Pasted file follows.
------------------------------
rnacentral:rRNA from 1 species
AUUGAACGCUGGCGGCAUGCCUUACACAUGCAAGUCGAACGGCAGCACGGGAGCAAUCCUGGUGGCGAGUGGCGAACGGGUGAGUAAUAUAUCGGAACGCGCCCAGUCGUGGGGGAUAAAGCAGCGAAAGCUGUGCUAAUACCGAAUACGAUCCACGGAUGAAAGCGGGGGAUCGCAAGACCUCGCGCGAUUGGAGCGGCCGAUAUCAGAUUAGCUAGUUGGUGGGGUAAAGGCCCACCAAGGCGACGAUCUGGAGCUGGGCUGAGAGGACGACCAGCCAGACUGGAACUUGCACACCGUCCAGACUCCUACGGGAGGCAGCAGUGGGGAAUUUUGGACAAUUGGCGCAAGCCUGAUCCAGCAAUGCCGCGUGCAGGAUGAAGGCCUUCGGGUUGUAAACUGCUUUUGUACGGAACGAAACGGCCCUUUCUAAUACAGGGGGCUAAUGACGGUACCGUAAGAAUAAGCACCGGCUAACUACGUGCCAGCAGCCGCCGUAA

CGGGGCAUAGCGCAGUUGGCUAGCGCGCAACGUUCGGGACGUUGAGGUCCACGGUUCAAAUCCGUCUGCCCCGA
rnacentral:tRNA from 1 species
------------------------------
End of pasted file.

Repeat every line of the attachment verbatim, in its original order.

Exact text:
rnacentral:rRNA from 1 species
AUUGAACGCUGGCGGCAUGCCUUACACAUGCAAGUCGAACGGCAGCACGGGAGCAAUCCUGGUGGCGAGUGGCGAACGGGUGAGUAAUAUAUCGGAACGCGCCCAGUCGUGGGGGAUAAAGCAGCGAAAGCUGUGCUAAUACCGAAUACGAUCCACGGAUGAAAGCGGGGGAUCGCAAGACCUCGCGCGAUUGGAGCGGCCGAUAUCAGAUUAGCUAGUUGGUGGGGUAAAGGCCCACCAAGGCGACGAUCUGGAGCUGGGCUGAGAGGACGACCAGCCAGACUGGAACUUGCACACCGUCCAGACUCCUACGGGAGGCAGCAGUGGGGAAUUUUGGACAAUUGGCGCAAGCCUGAUCCAGCAAUGCCGCGUGCAGGAUGAAGGCCUUCGGGUUGUAAACUGCUUUUGUACGGAACGAAACGGCCCUUUCUAAUACAGGGGGCUAAUGACGGUACCGUAAGAAUAAGCACCGGCUAACUACGUGCCAGCAGCCGCCGUAA

CGGGGCAUAGCGCAGUUGGCUAGCGCGCAACGUUCGGGACGUUGAGGUCCACGGUUCAAAUCCGUCUGCCCCGA
rnacentral:tRNA from 1 species